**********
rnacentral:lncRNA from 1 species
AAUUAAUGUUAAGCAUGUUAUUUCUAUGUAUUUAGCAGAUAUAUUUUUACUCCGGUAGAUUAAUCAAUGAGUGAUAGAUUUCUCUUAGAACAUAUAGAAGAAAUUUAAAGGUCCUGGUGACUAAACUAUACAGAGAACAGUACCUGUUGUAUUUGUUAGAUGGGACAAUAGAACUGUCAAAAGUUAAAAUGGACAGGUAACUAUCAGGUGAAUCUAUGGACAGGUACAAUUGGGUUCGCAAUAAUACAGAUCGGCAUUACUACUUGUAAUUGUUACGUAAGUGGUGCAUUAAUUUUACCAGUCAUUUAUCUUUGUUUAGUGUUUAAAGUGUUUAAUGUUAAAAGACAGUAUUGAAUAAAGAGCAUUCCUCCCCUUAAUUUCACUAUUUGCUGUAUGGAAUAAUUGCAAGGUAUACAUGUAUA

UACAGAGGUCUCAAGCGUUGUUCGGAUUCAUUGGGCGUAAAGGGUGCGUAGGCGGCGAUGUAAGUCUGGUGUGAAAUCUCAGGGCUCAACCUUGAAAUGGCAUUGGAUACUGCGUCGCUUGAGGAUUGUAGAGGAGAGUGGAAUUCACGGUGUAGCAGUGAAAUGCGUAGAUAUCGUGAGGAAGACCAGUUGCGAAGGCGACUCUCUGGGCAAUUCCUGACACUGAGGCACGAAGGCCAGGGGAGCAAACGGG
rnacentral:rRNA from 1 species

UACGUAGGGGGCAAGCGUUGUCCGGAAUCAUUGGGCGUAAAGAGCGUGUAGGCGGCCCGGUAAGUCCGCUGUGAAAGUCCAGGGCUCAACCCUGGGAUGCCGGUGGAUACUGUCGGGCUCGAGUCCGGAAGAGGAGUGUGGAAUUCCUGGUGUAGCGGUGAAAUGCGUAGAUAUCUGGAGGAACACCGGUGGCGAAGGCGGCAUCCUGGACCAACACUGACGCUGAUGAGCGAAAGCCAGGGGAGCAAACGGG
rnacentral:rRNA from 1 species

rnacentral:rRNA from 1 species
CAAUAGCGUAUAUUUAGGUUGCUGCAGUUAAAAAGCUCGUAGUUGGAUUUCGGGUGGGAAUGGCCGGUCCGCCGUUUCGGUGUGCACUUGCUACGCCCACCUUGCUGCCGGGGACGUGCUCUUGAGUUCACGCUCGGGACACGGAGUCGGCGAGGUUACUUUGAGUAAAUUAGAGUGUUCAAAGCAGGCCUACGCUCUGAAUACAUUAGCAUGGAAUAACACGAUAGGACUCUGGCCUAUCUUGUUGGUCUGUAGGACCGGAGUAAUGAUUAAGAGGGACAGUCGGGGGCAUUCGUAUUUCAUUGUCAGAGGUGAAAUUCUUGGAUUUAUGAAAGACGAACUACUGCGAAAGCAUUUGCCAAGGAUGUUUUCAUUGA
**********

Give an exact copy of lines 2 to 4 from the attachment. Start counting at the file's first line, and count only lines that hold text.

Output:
AAUUAAUGUUAAGCAUGUUAUUUCUAUGUAUUUAGCAGAUAUAUUUUUACUCCGGUAGAUUAAUCAAUGAGUGAUAGAUUUCUCUUAGAACAUAUAGAAGAAAUUUAAAGGUCCUGGUGACUAAACUAUACAGAGAACAGUACCUGUUGUAUUUGUUAGAUGGGACAAUAGAACUGUCAAAAGUUAAAAUGGACAGGUAACUAUCAGGUGAAUCUAUGGACAGGUACAAUUGGGUUCGCAAUAAUACAGAUCGGCAUUACUACUUGUAAUUGUUACGUAAGUGGUGCAUUAAUUUUACCAGUCAUUUAUCUUUGUUUAGUGUUUAAAGUGUUUAAUGUUAAAAGACAGUAUUGAAUAAAGAGCAUUCCUCCCCUUAAUUUCACUAUUUGCUGUAUGGAAUAAUUGCAAGGUAUACAUGUAUA

UACAGAGGUCUCAAGCGUUGUUCGGAUUCAUUGGGCGUAAAGGGUGCGUAGGCGGCGAUGUAAGUCUGGUGUGAAAUCUCAGGGCUCAACCUUGAAAUGGCAUUGGAUACUGCGUCGCUUGAGGAUUGUAGAGGAGAGUGGAAUUCACGGUGUAGCAGUGAAAUGCGUAGAUAUCGUGAGGAAGACCAGUUGCGAAGGCGACUCUCUGGGCAAUUCCUGACACUGAGGCACGAAGGCCAGGGGAGCAAACGGG
rnacentral:rRNA from 1 species